THE Office of the Solicitor General (OSG) is now studying the proposal of Pilipinas Shell Petroleum Corp. (PSPC) to put up a surety bond to enable them to proceed with their importation while the disputes on back taxes amounting to P7.3 billion with the Bureau of Customs (BOC) remains unresolved.
Finance Secretary Margarito Teves said Shell's proposal is being reviewed by the OSG.
“I understand there is a proposal coming from Shell for them to be able to put up a surety bond... so our Office of the Solicitor General will now determine whether (or not) it's an acceptable instrument,” Teves told reporters over the weekend.
Teves said that if the OSG thinks the proposal “an acceptable instrument, then we can go ahead. We can accept it as some sort of, serving as an escrow (fund) for the P7.3 billion."
The BOC claimed that Shell has unpaid taxed that needs to be settled before they can continue with the importation of its cracked catalytic gas (CCG) and light cracked catalytic gas (LCCG) that is being used to process unleaded gasoline products of the company.
But Shell disputed this and instead filed a case with the Court of Tax Appeals (CTA). The court granted Shell a 60 day temporary restraining order last December which ended last February 9.
The BOC then ordered the confiscation of Shell's shipment, however, PSPC was able to secure again another 20 day TRO from a regional trial court in Batangas to bar the Customs from seizing part of Shell’s imports to offset the P7.3 billion.
Teves said that since there is no ruling yet, Shell can pay the taxes imposed by BOC in order to allow them to import.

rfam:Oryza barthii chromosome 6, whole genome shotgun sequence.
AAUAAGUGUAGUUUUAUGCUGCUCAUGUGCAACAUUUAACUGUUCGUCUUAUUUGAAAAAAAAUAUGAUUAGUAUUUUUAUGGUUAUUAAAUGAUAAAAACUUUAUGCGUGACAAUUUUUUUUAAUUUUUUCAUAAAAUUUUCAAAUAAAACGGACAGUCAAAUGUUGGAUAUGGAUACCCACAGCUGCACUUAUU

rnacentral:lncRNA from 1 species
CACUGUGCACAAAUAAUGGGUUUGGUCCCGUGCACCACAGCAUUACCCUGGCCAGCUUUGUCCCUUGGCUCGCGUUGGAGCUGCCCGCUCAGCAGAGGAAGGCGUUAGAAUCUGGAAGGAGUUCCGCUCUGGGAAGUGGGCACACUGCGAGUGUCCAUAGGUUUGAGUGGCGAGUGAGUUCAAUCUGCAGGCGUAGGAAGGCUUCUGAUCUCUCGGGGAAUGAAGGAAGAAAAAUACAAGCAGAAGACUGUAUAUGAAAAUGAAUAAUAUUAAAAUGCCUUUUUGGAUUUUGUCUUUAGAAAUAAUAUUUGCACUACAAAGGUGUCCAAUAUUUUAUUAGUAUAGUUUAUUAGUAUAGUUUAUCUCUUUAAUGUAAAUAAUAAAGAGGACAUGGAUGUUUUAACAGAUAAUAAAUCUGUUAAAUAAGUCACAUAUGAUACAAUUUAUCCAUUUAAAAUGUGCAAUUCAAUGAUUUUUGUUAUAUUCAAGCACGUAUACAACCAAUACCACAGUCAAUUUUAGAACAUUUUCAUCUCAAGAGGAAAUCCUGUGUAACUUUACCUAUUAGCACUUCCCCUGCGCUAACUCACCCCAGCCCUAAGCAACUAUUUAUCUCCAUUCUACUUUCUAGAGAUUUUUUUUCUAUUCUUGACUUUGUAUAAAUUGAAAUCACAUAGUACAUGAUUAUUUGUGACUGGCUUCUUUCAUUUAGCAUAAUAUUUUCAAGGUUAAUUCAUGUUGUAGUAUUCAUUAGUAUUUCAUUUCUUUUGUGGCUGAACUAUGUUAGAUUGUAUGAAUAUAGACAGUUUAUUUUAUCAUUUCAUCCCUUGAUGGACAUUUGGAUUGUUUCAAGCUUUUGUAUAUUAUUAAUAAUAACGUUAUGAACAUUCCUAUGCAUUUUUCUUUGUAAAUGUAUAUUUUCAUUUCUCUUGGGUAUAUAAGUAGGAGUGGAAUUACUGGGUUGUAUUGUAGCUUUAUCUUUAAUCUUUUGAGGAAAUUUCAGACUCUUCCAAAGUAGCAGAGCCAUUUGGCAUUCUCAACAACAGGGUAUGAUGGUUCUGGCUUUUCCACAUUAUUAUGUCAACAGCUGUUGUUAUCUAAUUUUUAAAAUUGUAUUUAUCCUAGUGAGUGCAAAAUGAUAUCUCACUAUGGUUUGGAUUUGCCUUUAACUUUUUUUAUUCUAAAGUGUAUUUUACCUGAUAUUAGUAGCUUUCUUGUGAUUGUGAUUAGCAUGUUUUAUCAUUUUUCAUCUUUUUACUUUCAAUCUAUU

“But as far as their current and subsequent importation, they can continue to import and they just pay under protest,” the Finance chief said.
Shell's vice president for communications Roberto Kanapi last Thursday said they stopped their importation due to threats of seizure from the BOC despite the TRO and the order from Malacanang.
“We continue to exhaust all available legal remedies in order to prevent our property from being seized and avert any supply problems," said Roberto Kanapi, Shell vice president for communications.
The company also filed a motion for reconsideration before the CTA, to enable the resumption of its importations without the threat of seizure by BOC, while the case is being heard in the court.
“If seizures occur, Shell will have no raw materials to run the refinery and no products to sell. We do not want this to happen but for purposes of transparency, we have to let the public and government know the consequences of the BOC's arbitrary action,” Kanapi added.
Shell currently accounts for 30 percent of the Philippine market and is employing over 18,000 workers nationwide. (MSN/Sunnex)